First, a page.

Millions contributor Charles Finch writes about Norman Rush, author of Mortals and Mating, “There is the constant possibility that the next sentence is about to tell us something new.” Pair with our own review.
Bet you didn’t know this Saturday was the 25th anniversary of the first “going postal” shootings in Oklahoma. I have a piece at The Morning News examining America’s export of this peculiar brand of spree killings around the world, most recently to Oslo, Norway.
New at The Point: an incisive look at Don DeLillo’s Cosmopolis that calls it “the most prescient American novel of the past fifteen years” and asks,”is it possible to mount any meaningful resistance to capitalism on the level of culture?” The latest print issue features this essay as well as a symposium on privacy, and will be launched at a release party in Hyde Park on Saturday night.
Back in 2013, Ted Gioia wrote a piece for The Millions about an old sci-fi novel that correctly predicted the future. Since then, he’s embarked on an ambitious project that expands on his interest in sci-fi, exploring how the most radical sci-fi writers of the sixties paved the way for much of modern fiction. As he puts it, “I focus on this era in the history of sci-fi because it laid the groundwork for one of the most important developments in current-day fiction.”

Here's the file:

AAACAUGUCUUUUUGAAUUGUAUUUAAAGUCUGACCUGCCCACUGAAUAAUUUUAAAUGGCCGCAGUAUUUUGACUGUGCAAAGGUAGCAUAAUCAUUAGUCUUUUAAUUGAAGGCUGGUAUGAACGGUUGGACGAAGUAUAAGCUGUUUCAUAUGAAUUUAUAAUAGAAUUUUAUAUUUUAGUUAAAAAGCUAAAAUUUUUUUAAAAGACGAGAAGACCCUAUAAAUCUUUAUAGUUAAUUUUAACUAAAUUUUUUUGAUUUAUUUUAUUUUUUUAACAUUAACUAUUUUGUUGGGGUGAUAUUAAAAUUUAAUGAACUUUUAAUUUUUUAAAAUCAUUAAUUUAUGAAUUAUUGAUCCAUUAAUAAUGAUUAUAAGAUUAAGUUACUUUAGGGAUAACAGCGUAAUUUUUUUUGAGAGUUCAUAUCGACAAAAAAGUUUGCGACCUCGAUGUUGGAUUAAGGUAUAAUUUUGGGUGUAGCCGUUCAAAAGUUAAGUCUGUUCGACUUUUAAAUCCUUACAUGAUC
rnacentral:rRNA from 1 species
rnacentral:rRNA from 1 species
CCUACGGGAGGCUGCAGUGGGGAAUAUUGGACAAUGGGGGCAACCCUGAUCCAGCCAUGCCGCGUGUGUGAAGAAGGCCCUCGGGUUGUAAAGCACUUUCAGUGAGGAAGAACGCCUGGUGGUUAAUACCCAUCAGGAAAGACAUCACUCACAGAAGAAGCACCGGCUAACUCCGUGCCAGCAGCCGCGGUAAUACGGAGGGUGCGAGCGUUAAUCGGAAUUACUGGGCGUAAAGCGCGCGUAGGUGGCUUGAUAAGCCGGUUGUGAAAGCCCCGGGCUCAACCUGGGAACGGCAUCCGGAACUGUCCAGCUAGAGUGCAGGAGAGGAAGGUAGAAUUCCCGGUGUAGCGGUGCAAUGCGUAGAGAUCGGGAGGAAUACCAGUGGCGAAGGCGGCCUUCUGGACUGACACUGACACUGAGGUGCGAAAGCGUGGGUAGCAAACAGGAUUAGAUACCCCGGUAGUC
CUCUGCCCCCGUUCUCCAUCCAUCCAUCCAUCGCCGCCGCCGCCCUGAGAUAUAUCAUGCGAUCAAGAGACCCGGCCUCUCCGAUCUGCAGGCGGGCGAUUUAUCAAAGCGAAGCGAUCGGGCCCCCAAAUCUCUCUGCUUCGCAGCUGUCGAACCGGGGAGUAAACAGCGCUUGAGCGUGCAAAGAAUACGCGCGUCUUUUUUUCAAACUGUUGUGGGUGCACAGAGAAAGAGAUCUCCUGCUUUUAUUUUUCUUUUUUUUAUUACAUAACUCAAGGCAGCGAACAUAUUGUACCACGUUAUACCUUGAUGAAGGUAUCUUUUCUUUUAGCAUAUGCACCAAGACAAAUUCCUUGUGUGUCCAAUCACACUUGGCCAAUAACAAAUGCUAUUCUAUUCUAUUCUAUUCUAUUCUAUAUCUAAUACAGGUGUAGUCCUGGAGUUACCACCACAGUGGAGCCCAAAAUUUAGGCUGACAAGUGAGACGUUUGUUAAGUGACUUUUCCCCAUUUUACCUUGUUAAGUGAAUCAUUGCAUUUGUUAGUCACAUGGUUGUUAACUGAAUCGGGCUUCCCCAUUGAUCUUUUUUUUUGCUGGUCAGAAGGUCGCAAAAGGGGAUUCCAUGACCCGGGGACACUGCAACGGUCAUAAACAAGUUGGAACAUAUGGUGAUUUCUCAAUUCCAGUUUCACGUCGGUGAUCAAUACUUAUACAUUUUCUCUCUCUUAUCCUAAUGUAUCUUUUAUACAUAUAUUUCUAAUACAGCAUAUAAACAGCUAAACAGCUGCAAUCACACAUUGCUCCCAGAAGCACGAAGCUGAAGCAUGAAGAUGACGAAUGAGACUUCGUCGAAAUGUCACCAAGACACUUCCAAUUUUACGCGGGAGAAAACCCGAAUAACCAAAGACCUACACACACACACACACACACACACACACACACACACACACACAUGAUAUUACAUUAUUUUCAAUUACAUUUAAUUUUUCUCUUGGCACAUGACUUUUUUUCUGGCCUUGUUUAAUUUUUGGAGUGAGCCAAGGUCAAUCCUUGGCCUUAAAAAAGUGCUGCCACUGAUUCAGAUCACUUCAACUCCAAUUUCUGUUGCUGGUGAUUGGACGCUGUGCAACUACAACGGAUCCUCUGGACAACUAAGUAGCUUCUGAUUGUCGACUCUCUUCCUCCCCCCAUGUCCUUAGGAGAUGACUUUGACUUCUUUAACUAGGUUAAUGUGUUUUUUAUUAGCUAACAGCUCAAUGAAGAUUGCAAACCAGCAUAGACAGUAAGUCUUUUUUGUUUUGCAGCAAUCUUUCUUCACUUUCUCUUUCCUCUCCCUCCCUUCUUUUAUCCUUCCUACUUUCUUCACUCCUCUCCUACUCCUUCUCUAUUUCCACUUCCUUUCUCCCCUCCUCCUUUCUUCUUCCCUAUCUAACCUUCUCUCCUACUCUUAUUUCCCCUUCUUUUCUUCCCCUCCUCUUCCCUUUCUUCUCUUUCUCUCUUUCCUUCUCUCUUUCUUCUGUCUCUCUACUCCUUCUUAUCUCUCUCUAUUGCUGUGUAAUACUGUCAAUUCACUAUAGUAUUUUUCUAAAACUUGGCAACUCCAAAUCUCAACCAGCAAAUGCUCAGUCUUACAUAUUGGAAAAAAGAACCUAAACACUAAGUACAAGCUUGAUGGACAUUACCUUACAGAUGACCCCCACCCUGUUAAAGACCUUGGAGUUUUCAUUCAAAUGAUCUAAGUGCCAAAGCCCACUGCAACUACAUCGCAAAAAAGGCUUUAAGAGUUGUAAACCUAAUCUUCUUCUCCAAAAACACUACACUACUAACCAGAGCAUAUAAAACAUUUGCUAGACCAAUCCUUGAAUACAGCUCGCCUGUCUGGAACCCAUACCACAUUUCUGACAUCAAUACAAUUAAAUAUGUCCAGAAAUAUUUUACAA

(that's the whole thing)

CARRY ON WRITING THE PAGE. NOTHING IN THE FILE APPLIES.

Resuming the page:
Want a book blurb from Margaret Atwood? Expect a poem instead. Atwood has retired from the blurbing business and now declines in rhyming verse. “But now I am aging; my brain is all shrunk,/And my adjective store is depleted;/My hair’s getting stringy, I walk as though drunk;/ As a quotester I’m nigh-on defeated.” Pair with our essays on the blurbing blunder: a history of blurbs, blurbs as publicity stunts, and the fundamental question — to blurb or not to blurb?
Would you like your man-steak with green peppercorn sauce? At the LRB, Jenny Diski on Catalin Avramescu‘s Intellectual History of Cannibalism.
“You can only advocate for yourself when you know what it is you want from the experience. You’d be surprised by how many people go into this process and are unclear about what they hope to get out of it.” Over at the Amazon Author Insights blog, Katrin Schumann offers a checklist of seven tips to survive submitting your writing to editors, including this note about articulating your goals beforehand. (Ed. note: Amazon helps us pay the bills around here!)